I have also lived in Cuba and would hope to spend a lot of time there in the coming years. The country is like a second home to me.
I look forward to changes there and hope that changes are for the better and not for the worse. Perhaps they will be a mixture of both?
Many dear Cuban friends of mine share your viewpoints to a greater or lesser extent.
However, having said that, it is undeniable that Fidel was an extraordinarily popular man in his country.
Many dear Cuban friends of mine have told me that they would defend their revolution until their last breath.
I pray for the people of Cuba!
I believe that Fidel’s legacy for Cuba and the Cuban people is more of the same! It is a bit like a circus , the ringmaster might have changed but the programme will remain the same with the new ringmaster cracking the whip and the people cowering under the whip! Freedom of speech will never surface in Cuba whilst anyone in this regime is around!
I have an admiration, Mr MacDuff, for your longevity regarding appearances on this comments forum.
It would surprise me if, during these years, you have not read something that has resembled the following:
Your quotation from the noble sounding words US Cuban Democracy Act clearly does not reflect the USA’s record when it comes to sweeping out what it has regarded as it’s backyard.
As I am sure you are aware, there are countless examples from Guatemala to Chile of the USA taking part in the overthrow of democratically elected governments.
If I remember correctly, the Nicaraguan regime was pressurised to call the type of elections described. However, upon the result not going in their favour, the USA launched a most horrific and murderous, terrorist campaign against the democratically elected government.
Furthermore the embargo has been continuously and democratically voted down at the United Nations. The only nations to vote with the USA are its hugger mugger middle east buddy, Israel and which ever tiny country that took the U.S. sweetener.
I would be stunned if you were not aware of these facts Mr MacDuff.
In fact I would suggest that you yourself know that the only way the embargo reflects anything ‘democracy related’ is this:
Those oh so sweet candy bars that potential US Presidents like to chomp on.
Otherwise known as Floridian Electoral College Votes.
Having said this, I would also totally agree that you when you state that the embargo is counter productive for the reasons you give.
It has indeed given the Cuban government something to blame for all and sundry poor decisions. I completely agree with this point.
Regarding the US President Elect.
Let’s not even go there huh??
I Holguinero merely reflect the views i hear daily on the street, from relatives and friends and from members of a discussion group which meets by invitation in our local library. Obviously I don’t reflect the views of the members of the Communist Party of Cuba, but as you will know that are a minority group.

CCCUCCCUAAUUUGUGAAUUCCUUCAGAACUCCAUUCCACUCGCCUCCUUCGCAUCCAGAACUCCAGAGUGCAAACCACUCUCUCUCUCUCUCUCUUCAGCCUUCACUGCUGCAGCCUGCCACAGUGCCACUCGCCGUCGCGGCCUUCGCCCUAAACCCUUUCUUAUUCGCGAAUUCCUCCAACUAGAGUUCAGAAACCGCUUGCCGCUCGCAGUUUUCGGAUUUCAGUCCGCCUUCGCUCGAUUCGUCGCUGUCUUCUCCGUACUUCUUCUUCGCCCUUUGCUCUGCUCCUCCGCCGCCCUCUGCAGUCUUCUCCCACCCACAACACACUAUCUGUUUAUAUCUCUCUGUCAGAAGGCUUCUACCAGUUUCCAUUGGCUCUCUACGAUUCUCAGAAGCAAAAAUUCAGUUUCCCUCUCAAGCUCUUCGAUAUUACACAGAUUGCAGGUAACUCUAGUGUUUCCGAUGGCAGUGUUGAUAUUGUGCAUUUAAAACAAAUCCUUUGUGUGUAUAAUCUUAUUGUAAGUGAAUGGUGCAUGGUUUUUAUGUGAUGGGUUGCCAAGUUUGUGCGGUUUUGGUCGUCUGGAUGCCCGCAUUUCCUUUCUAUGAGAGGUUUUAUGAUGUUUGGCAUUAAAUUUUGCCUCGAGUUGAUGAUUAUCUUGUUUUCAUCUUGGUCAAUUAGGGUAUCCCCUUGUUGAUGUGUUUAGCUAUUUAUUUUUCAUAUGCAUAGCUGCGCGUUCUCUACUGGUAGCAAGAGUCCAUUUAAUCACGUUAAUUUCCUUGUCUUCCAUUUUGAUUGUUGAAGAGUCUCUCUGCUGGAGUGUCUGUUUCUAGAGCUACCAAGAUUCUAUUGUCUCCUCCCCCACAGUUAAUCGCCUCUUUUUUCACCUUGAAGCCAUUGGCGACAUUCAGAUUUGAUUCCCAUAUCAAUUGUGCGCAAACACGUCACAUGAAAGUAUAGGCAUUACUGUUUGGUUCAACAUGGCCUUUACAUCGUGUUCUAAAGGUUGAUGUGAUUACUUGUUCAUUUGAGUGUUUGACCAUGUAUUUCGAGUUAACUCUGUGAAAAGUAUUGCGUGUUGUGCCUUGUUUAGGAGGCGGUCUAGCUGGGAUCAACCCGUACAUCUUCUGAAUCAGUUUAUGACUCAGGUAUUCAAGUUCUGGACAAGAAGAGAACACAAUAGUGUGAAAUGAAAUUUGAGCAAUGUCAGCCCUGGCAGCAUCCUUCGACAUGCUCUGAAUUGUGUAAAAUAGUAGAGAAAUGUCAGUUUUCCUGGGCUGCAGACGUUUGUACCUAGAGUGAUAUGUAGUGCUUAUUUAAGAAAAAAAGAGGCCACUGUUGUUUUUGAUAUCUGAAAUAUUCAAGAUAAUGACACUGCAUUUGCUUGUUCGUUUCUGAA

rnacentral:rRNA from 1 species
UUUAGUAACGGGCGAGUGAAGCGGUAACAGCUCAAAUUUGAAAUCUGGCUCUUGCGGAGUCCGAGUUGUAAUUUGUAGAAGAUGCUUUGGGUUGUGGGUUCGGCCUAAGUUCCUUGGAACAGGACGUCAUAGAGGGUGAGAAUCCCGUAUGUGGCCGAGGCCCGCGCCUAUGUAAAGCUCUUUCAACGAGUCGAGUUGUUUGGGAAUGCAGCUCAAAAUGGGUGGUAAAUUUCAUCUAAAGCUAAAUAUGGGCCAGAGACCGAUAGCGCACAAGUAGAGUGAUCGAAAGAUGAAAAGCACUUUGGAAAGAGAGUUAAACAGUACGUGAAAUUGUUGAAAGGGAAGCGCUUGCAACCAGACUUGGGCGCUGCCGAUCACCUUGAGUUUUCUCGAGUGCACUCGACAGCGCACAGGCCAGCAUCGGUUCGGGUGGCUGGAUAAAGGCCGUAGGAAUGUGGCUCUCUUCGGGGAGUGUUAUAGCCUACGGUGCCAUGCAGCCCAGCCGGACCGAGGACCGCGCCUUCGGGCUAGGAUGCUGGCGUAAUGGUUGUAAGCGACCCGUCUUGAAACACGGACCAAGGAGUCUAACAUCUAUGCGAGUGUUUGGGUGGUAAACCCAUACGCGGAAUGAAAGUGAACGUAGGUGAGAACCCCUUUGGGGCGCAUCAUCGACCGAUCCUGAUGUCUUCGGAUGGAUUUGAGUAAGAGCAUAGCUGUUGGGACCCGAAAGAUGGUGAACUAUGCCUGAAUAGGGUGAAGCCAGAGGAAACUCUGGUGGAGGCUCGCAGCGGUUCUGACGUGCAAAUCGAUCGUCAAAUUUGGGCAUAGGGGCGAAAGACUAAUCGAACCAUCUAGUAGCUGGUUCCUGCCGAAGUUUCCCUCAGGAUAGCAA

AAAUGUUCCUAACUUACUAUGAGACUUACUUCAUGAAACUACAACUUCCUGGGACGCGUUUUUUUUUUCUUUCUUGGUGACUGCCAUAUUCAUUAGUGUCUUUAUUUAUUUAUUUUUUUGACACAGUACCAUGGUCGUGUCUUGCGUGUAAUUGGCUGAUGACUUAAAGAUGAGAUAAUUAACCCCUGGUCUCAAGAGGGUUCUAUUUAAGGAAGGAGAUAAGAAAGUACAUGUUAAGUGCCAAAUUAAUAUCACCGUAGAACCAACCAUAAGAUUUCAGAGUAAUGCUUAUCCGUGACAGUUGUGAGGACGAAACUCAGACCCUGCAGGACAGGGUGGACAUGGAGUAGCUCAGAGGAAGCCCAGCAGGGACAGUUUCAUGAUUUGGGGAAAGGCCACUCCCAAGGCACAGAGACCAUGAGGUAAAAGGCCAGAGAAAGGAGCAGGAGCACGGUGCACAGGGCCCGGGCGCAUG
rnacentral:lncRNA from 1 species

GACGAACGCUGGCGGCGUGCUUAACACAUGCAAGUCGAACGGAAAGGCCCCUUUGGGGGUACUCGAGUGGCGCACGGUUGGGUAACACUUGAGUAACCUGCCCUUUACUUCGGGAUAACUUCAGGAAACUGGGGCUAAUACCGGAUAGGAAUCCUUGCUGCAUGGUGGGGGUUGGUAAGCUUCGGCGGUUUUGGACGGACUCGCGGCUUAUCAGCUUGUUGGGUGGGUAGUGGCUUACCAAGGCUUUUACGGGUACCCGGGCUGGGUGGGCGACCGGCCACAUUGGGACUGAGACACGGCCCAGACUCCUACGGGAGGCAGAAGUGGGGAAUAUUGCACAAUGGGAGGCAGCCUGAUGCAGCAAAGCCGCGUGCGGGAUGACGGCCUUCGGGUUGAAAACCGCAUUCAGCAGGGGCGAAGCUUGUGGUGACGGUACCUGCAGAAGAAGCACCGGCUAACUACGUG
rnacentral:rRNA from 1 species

Nick, I believe that you are a relative newcomer to Havana Times. If you go back about three years, you will find that I was expressing my view in these pages that the US embargo was counter-productive as it was used by the regime repetitively as a excuse to the Cuban people for all the evident incompetence, failed economic policies and actions of the regime.
But, I did understand the reasons for the embargo and I can tell you that Cubans have not been told of the requirements listed in the US Cuban Democracy Act. for Congress to lift the embargo which are:
Section 1708(b)(3), 22 U.S.C (section) 6007(b)93)
“the free and fair elections conducted under international supervision, permitting opposition parties ample time to organize and campaign for such elections, showing respect for the basic civil liberties and human rights of the Citizens of Cuba, moving toward establishing a free market economic system and committing itself to a constitutional change that would ensure regular free and fair elections.”,
I think that those are fairly sound principals Nick but are obviously anathema to a communist dictatorship which of its nature is opposed to freedom of expression and the conditions listed.
The policy obviously failed for those reasons and in my view the US should have revised their policies and found other ways of exerting pressure. i recognize that regime adherents and supporters – those who admire the system of control and oppression which is a key part of communism (but not of democratic socialism) will repudiate my view, preferring to just continually berate the US.
You and I can express our thoughts about the US President elect, but the Castros and their regime including the “troika” as successors are much more significant. It is they, who are key to a gradual easing of the dictatorial grip and eventual freedom which the people of Cuba so richly deserve.
I am not a supporter of conspiracy theories. In consequence I don’t believe for a moment that Fidel Castro was involved in any way with the death of Kennedy. Secondly, apart from funding Guevara’s Bolivian venture which conveniently kept Guevara from seeking to return to Cuba, he had no role in the his death.
But, it is my firm view that a full inquiry into the disappearance of Camilo Cienfuegos would show that he was cleverly purged for his antagonism towards communism and his concern for Huber Matos.
Nice try. The Electoral College was originally intended to prevent a few large states from dominating national elections. As has happened only twice before, the winner by popular vote didn’t win the election. It sucks but those were the rules agreed to. A true democracy, if it were to exist in Cuba would not threaten national independence, on the contrary, it would strengthen its. If ALL Cubans truly believed that they had a stake in the well-being of Cuba, national sovereignty is stronger.Yes, freedom can mean different things to different peoples, but there are those universal freedoms we can all agree upon. Freedoms like the freedom of speech, freedom of assembly, etc are among these universal freedoms.